What training is required for pilots conducting ASETPA operations?

Qantas 94 Heavy
  • What training is required for pilots conducting ASETPA operations? Qantas 94 Heavy

    In Australia, aircraft approved for ASETPA operations are certain single-engine turbines allowed to be operated commercially under IFR. While I understand that the manufacturer is required to meet a series of requirement, I'm not so sure about whether the pilots in ASETPA operations need special training or approval. Is extra training and/or testing required, and if so, how extensive is it?

  • According to the CASA AOC Handbook, section 15.3.1.2, pilots do need to have specific training. Most of this training is regarding engine failures and emergency landings, in some situations in IMC.

    CASA requires that all ASETPA operators have a training and checking organisation.

    The CASA Inspector will verify that for ASETPA operator’s the following additional procedures are included within the training and checking organisation:

    • Engine failure or malfunction which necessitates stopping the aircraft on the ground
    • Engine failure or malfunction which necessitates an off-airport landing after take- off on the most suitable terrain in the vicinity of the aerodrome. These can be organised into a number of procedures, depending on the height of the aircraft at the time of the failure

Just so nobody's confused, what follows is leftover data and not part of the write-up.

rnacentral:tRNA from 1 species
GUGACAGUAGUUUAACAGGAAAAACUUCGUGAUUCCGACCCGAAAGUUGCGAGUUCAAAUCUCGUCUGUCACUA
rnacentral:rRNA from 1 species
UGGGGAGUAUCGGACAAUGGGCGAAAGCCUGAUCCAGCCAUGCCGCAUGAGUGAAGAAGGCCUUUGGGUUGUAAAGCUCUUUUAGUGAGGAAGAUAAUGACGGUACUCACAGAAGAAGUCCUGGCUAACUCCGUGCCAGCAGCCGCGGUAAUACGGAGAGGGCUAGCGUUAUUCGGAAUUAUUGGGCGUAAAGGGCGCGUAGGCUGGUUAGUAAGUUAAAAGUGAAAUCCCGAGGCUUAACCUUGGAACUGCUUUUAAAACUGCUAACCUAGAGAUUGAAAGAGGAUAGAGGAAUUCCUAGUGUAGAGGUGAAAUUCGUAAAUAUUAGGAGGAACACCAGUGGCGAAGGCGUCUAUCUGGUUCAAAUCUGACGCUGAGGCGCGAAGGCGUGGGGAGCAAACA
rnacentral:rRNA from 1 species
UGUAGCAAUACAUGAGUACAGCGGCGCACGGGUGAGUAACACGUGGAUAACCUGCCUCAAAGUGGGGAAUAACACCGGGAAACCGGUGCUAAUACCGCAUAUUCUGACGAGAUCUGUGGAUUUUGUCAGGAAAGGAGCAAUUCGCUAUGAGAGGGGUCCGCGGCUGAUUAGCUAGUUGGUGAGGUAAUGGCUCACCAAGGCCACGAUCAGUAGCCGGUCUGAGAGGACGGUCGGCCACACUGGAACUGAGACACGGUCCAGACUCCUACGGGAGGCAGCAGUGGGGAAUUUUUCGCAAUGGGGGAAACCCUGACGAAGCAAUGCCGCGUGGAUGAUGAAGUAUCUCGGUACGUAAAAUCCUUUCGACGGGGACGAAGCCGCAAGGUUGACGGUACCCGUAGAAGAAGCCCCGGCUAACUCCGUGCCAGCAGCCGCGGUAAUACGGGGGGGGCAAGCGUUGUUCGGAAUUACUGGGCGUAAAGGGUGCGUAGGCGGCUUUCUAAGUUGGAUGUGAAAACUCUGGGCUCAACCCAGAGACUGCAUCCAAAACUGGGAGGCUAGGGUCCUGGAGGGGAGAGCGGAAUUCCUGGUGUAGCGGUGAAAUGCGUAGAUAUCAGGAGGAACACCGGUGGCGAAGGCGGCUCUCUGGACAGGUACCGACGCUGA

• Engine failure or malfunction which necessitates turning to execute a glide landing upon a serviceable runway, including a ‘turn-back’ manoeuvre. This procedure is to contain a minimum indicated airspeeds and altitudes
    • Engine malfunction, during climb, cruise and descent and from the approach to land phase in VMC and IMC
    • Additional procedures for the conduct of a forced landing in IMC to ground level

    The next section discusses route limitations, which I am assuming the pilots should at least be familiar with.

Related questions and answers
  • it in the calendar month in which it was required. ... So let's say that I completed initial training in March. This says that if I complete recurrent training in February or April that they consider the training to have been completed in March. So what happens if a year passes and recurrent training is due. I don't make it in February or March, but the company schedules me for recurrent... holder's operations. Before that though, 14 CFR 135.323 states: §135.323 - Training program: General. ... (b) Whenever a crewmember who is required to take recurrent training under

  • In Australia, aircraft approved for ASETPA operations are certain single-engine turbines allowed to be operated commercially under IFR. While I understand that the manufacturer is required to meet a series of requirement, I'm not so sure about whether the pilots in ASETPA operations need special training or approval. Is extra training and/or testing required, and if so, how extensive is it?

  • Recently, the crew of an Indian airline performed a short choreographed dance sequence mid-flight on the occasion of Holi. This is, a not so rare practice amongst low-cost Indian carriers, who... of the pilots can be seen recording the dance on his camera. SpiceJet specially planned this event, and had extra cabin crew on-board the flight as a precaution. Also, during the dance, one of the pilots... aboard eight flights have cost SpiceJet heavily, with the DGCA issuing show cause notice to the airline and suspending two of its pilots. Here's another news link. One of the arguments made by the DGCA